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It’s a plane, it’s a bird, it’s a falcon!

Sunil Rajagopal | Updated on September 04, 2020 Published on September 03, 2020

Buzz word: Peregrine falcons are great wanderers and can be found almost all over the world, except the extreme poles   -  ISTOCK.COM

The sudden appearance of a peregrine falcon, a raptor that was once endangered, adds colour to a drab Delhi afternoon

* Peregrines haunt the wetlands near Delhi during winter months, taking down ducks and other wintering waterfowl

* Peregrines are depicted in popular culture as the fastest creatures in the world. They have been clocked at more than 350 kmph

Birdwatchers call it the magical jizz — spying a blur of a bird from the corner of an eye and recognising it. But this happens only after years of close observation, study and introspection. To know a bird you must know it intimately: What it eats when, what its habits are, where it goes, which trees it likes to nest and roost on, and so on. This leads to a slow accumulation of layers of unconscious knowledge — and the sudden jizz.

I work in one of the tallest buildings in the relative green of South Delhi. It is a 12-floor chessboard patterned leviathan in concrete and glass, dwarfing everything else around it. The view from the lift lobbies as you go up the floors is uninspiring. You look into an endless row of drab illegal constructions and five-foot wide buildings stacked one against another, stretching as far as the eyes can see.

The most interesting thing about the view from the lift lobbies are the plastic water tanks on the rooftops. They come in multiple sizes, in green, black, white and blue. Each terrace has several of them. On days of frayed tempers and urgent but needless tasks at work, I sometimes try and count them. It is a welcome distraction and brings about the realisation that there are many more irrelevant things in the world than what I do to earn my daily rice.

I watch the birds outside from here, too. Usually, there are ragged flocks of feral blue rock pigeons, some black kites riding the breeze and an occasional house crow taking a break on a window sill. Once, memorably on a horribly polluted post-Diwali afternoon, there was an Egyptian vulture climbing an awkward spiral through the smog.

One spring afternoon, I was at my post in the lift well, watching kites and counting tanks through a 15-foot expanse of shaded glass. Then, seemingly out of nowhere, there was an unusually large swirl of pigeons sweeping past from the right to the left. The swirl was rapid, and frantic, the formation losing shape as it turned anti-clockwise around the building. And just as the last of them whizzed past, I caught the blur of an odd-one-out dropping from just above.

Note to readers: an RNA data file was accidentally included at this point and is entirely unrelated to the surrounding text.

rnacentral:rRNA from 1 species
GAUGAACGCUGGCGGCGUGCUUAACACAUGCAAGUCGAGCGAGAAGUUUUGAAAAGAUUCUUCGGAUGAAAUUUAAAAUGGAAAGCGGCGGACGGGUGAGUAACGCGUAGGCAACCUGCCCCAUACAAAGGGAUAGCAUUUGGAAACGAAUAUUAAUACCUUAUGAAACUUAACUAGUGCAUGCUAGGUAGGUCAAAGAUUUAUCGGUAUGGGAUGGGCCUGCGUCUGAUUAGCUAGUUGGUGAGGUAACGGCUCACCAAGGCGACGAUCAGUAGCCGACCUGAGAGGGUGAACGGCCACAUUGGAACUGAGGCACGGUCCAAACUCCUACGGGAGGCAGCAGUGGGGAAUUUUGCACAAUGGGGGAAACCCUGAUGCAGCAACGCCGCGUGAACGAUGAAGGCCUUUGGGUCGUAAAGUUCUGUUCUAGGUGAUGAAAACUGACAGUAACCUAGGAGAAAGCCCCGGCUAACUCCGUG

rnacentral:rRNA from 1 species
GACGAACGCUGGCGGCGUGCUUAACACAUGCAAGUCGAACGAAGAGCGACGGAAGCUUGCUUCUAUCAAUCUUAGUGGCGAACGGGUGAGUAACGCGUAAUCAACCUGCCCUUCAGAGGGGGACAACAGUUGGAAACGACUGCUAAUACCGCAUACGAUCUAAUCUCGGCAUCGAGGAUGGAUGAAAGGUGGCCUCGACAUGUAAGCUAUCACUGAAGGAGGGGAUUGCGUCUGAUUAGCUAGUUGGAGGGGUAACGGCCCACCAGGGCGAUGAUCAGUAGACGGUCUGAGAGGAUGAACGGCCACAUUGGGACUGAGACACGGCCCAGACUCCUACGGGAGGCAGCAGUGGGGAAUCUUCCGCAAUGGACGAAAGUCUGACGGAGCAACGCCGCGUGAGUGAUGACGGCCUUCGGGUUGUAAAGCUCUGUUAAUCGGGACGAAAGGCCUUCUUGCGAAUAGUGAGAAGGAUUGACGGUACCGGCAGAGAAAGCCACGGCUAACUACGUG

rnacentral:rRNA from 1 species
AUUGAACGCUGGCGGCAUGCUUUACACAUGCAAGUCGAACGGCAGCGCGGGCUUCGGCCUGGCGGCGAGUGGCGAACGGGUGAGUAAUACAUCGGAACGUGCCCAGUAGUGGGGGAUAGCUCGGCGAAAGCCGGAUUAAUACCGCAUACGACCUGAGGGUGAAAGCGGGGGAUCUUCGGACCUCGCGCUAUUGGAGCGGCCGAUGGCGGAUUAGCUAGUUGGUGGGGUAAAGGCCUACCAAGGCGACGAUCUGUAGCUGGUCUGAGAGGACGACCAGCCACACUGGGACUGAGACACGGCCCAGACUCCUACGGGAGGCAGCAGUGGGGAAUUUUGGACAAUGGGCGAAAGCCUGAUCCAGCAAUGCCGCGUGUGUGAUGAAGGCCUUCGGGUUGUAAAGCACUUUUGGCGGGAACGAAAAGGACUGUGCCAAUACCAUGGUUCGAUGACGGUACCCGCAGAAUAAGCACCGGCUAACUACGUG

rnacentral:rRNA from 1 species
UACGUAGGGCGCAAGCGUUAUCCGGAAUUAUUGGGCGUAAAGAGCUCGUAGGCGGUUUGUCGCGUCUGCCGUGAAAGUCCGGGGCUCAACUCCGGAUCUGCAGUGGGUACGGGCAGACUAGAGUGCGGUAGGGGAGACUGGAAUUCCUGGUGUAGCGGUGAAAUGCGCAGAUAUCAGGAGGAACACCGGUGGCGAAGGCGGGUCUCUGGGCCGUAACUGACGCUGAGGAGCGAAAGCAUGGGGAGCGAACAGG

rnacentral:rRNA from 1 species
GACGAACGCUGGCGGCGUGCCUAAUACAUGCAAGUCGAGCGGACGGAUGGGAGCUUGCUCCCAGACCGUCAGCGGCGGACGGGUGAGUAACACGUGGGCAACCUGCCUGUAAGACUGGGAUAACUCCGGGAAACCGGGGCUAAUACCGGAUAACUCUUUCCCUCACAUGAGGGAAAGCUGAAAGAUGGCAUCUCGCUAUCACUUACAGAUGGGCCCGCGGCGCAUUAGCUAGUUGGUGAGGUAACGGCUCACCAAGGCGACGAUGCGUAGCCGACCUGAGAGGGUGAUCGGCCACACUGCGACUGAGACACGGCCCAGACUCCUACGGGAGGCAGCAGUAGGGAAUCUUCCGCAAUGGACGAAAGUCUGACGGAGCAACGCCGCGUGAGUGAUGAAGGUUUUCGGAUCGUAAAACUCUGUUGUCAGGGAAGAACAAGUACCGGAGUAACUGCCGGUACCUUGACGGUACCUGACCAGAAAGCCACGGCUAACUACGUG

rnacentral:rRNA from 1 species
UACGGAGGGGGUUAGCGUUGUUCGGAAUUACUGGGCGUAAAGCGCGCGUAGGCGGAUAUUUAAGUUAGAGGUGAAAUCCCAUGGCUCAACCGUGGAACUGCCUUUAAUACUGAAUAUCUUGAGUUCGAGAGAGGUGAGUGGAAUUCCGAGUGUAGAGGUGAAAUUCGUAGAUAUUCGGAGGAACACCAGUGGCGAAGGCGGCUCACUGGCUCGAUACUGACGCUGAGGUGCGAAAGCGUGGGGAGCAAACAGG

It was heavy, bullet-like, barrel-chested. Dark head. Greyish below. It went so fast that the air around it seemed to glow.

My brain was already racing with the possibilities, but struggling to keep up with my thumping heart. In barely a few seconds, the mob of pigeons came screaming back; right to left again. This time, there was no formation — in utter panic, they were flying for their lives. And zooming with sharp-tipped wings folded three-quarters back, tight on their tails, was a peregrine falcon!

Unmistakeably so. The body was lighter below with mild streaking, and the top was dark blue-grey. It was masked. And powerful. I had the jizz of the bird.

That was the last I saw of this extraordinary tableau. Presumably, the hunter (the peregrine preys on a wide variety of birds — from small songbirds to ducks and geese) had his prize and the fatalistic pigeons settled back on to the terrace. Nothing can completely spook the pigeons of Delhi for long — not noise, threats, dust, smog or predators. They continue to survive, even thrive, in sync with the burgeoning population of this grand, creaking metro.

No amount of begging and pleading regarding the status of peregrine falcons in India could move the security guards to hand me the keys to the terrace for a recce. Most upscale offices are rightly wary that their disgruntled employees may like to join the pigeons on a jaunt around the building.

Peregrines are depicted in popular culture as the fastest creatures in the world. They have been clocked at more than 350 kmph while performing their signature move, the stoop: They climb to achieve height above lower flying prey and then literally fall out of the sky, wings tucked in close, letting gravity and their formidable talons do the killing.

As their name suggests, they are great wanderers and can be found almost all over the world, except the extreme poles. One race of the peregrine, the handsome black and rufous Shaheen falcon (Falco peregrinus peregrinator) is a resident of India. The protagonist of this drama, however, was overall of a lighter colour and bulkier. Which probably means it could have been a female Falco peregrinus calidus, an uncommon winter migrant in these parts.

Peregrines haunt the wetlands near Delhi during winter months, taking down ducks and other wintering waterfowl. One had even made an annual habit of turning up at an apartment complex in a neighbourhood near a wetland.

It seems incongruous and exciting that this mighty predator lives among us despite the foul environment and destructive urbanisation. The peregrine, which was once on the edge of extinction, has made a remarkable comeback globally and now thrives even in the high-rise horizons of uber cities such as London and New York — a further testament to the powers of resurrection inherent in nature.

I never saw the bird again from my office. The peregrine left me with a few precious moments and the water tanks.

Sunil Rajagopal is an amateur birder and photographer based in Delhi

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Published on September 03, 2020
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